From The Happiest Choice
A low level of vitamin D is often associated with seasonal affective disorder (SAD). SAD is a form of depression caused when a person does not get enough vitamin D, often during the winter months. A person can become vitamin D deficient any time of the year by not getting outside enough, or by wearing too much sunscreen or clothing. Skin color also affects the body’s uptake of vitamin D with lighter skinned people absorbing more. The Office of Dietary Supplements recommends exposure to the outside for 5-30 minutes at least twice per week to absorb enough of the nutrient when sunlight is available, and for people with darker skin to supplement when there is little sunlight (Dietary). Vitamin D does store up in the body, so it is possible with enough fall, spring, and summer sun exposure to last through a cloudy or shut-in winter, but more than likely you will have to supplement.
The skin synthesizes vitamin D when struck with UVB rays from the sun (Holick). However, UVB rays only penetrate the atmosphere when the sun is at certain angles. In places with a latitude above 37 degrees, UVB rays normally do not reach Earth's surface during the winter months. Even during the summertime, UVB rays only pass through between the hours of 10:00 AM and 3:00 PM, so be sure to expose yourself to the sun during these times.
Vitamin D is actually a hormone that exists in two forms, D2 and D3 (Crowther). In food D2 comes from plants like sunflower seeds, leafy greens, avocados, and carrots, and D3 comes from animal sources like mackerel, herring, salmon, liver, and lanolin (sheep’s wool oil is often used as a D3 supplement). D3 is the same molecule synthesized when skin is exposed to sunlight. Because D2 must become D3 in the body, D2 is only utilized one-third as well as D3 (Laura). To supplement, you can buy liquid drops, pills, or get a shot. Consuming fish oil is another option and includes the antidepressant omega-3 fatty acid.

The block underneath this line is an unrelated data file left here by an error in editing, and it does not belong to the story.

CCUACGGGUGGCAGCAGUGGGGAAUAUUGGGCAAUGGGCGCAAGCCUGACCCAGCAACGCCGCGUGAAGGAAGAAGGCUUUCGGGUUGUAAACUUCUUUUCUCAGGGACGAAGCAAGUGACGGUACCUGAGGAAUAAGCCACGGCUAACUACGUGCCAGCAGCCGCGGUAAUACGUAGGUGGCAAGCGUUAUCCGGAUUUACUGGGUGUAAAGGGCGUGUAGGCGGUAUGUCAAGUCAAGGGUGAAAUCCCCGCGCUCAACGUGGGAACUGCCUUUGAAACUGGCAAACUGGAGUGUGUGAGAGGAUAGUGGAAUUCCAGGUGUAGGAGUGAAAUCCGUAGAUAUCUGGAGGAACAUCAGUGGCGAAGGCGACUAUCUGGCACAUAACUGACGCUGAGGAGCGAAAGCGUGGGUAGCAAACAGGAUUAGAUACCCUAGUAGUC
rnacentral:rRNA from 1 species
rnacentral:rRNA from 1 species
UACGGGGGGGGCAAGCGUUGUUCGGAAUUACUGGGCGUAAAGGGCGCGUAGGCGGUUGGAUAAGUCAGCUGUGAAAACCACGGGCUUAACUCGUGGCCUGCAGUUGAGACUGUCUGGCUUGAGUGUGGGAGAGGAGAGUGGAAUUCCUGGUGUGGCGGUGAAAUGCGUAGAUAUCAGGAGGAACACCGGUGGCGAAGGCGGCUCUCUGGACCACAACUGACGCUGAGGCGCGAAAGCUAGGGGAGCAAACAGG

Crowther, Penny. "Vitamin D: Why We Need More Of The Sunshine Vitamin." Positive Health 167 (2010): 1. Alt HealthWatch. Web. 20 Feb. 2012.
"Dietary Supplement Fact Sheet: Vitamin D." Office of Dietary Supplements. National Institutes of Health. USA.gov. No date. Web. 15 Jul 2012.
Holick, Michael F. "Sunlight and vitamin D for bone health and prevention of autoimmune diseases, cancers, and cardiovascular disease." The American Journal of Clinical Nutrition 80.6 (Dec. 2004): 1678S-1688S. Web. 7 September 2013.
Laura A. G. Armas, et al. “Vitamin D2 Is Much Less Effective than Vitamin D3 in Humans.” The Journal of Clinical Endocrinology & Metabolism Vol. 89 Number 11 (Nov. 2004) 5387-5391. doi: 10.1210/jc.2004-0360. Web. 22 Jul. 2012.
***Medical Disclaimer*** I am not a medical professional and none if this is meant to be medical advice. While I try my best to maintain credibility in the research I do, there is always room for error. Do your own research and check in with your doctor!
My name is Sage Liskey. I am an author, poet, fine artist, designer, and activist. Born and raised in Oregon, I now travel while I write and self-publish empowering books, zines, and booklets. I founded the Rad Cat Press in 2010 to help distribute my materials with a mission devoted to creating life-changing and accessible publications for the modern world. My informational guidebooks (many of which are available for free) cover topics such as alternative and radical mental health, depression, community, sustainability, art, and activism. I offer talks on these subjects as well.
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